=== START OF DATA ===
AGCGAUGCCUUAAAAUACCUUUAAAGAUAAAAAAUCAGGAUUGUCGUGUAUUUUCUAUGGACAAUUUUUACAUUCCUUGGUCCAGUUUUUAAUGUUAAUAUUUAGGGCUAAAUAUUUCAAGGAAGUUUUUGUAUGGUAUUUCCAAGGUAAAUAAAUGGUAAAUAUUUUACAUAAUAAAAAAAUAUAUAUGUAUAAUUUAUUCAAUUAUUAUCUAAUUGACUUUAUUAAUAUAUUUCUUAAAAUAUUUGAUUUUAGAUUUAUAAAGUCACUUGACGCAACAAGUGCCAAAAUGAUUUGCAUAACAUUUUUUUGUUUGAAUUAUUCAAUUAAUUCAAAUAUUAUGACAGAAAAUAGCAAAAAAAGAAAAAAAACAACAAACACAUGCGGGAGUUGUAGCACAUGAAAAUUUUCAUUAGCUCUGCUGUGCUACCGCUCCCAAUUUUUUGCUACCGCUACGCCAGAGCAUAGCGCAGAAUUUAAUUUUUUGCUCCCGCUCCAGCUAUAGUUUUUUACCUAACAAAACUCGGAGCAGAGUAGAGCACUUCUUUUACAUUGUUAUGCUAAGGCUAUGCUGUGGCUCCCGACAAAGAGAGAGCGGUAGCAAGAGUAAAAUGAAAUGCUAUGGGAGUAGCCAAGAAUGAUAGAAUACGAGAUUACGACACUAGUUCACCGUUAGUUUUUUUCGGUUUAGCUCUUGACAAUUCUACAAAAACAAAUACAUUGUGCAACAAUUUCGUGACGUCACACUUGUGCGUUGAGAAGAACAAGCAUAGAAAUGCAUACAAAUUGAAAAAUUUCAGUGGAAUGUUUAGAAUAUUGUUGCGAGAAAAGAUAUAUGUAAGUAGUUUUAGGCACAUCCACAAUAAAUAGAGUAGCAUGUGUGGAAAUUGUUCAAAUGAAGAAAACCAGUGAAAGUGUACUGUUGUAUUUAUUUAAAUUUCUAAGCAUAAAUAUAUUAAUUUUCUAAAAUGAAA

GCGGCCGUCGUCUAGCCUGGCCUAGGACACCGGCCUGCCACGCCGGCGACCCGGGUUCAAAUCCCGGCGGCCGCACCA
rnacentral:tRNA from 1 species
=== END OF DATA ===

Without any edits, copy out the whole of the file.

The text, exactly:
AGCGAUGCCUUAAAAUACCUUUAAAGAUAAAAAAUCAGGAUUGUCGUGUAUUUUCUAUGGACAAUUUUUACAUUCCUUGGUCCAGUUUUUAAUGUUAAUAUUUAGGGCUAAAUAUUUCAAGGAAGUUUUUGUAUGGUAUUUCCAAGGUAAAUAAAUGGUAAAUAUUUUACAUAAUAAAAAAAUAUAUAUGUAUAAUUUAUUCAAUUAUUAUCUAAUUGACUUUAUUAAUAUAUUUCUUAAAAUAUUUGAUUUUAGAUUUAUAAAGUCACUUGACGCAACAAGUGCCAAAAUGAUUUGCAUAACAUUUUUUUGUUUGAAUUAUUCAAUUAAUUCAAAUAUUAUGACAGAAAAUAGCAAAAAAAGAAAAAAAACAACAAACACAUGCGGGAGUUGUAGCACAUGAAAAUUUUCAUUAGCUCUGCUGUGCUACCGCUCCCAAUUUUUUGCUACCGCUACGCCAGAGCAUAGCGCAGAAUUUAAUUUUUUGCUCCCGCUCCAGCUAUAGUUUUUUACCUAACAAAACUCGGAGCAGAGUAGAGCACUUCUUUUACAUUGUUAUGCUAAGGCUAUGCUGUGGCUCCCGACAAAGAGAGAGCGGUAGCAAGAGUAAAAUGAAAUGCUAUGGGAGUAGCCAAGAAUGAUAGAAUACGAGAUUACGACACUAGUUCACCGUUAGUUUUUUUCGGUUUAGCUCUUGACAAUUCUACAAAAACAAAUACAUUGUGCAACAAUUUCGUGACGUCACACUUGUGCGUUGAGAAGAACAAGCAUAGAAAUGCAUACAAAUUGAAAAAUUUCAGUGGAAUGUUUAGAAUAUUGUUGCGAGAAAAGAUAUAUGUAAGUAGUUUUAGGCACAUCCACAAUAAAUAGAGUAGCAUGUGUGGAAAUUGUUCAAAUGAAGAAAACCAGUGAAAGUGUACUGUUGUAUUUAUUUAAAUUUCUAAGCAUAAAUAUAUUAAUUUUCUAAAAUGAAA

GCGGCCGUCGUCUAGCCUGGCCUAGGACACCGGCCUGCCACGCCGGCGACCCGGGUUCAAAUCCCGGCGGCCGCACCA
rnacentral:tRNA from 1 species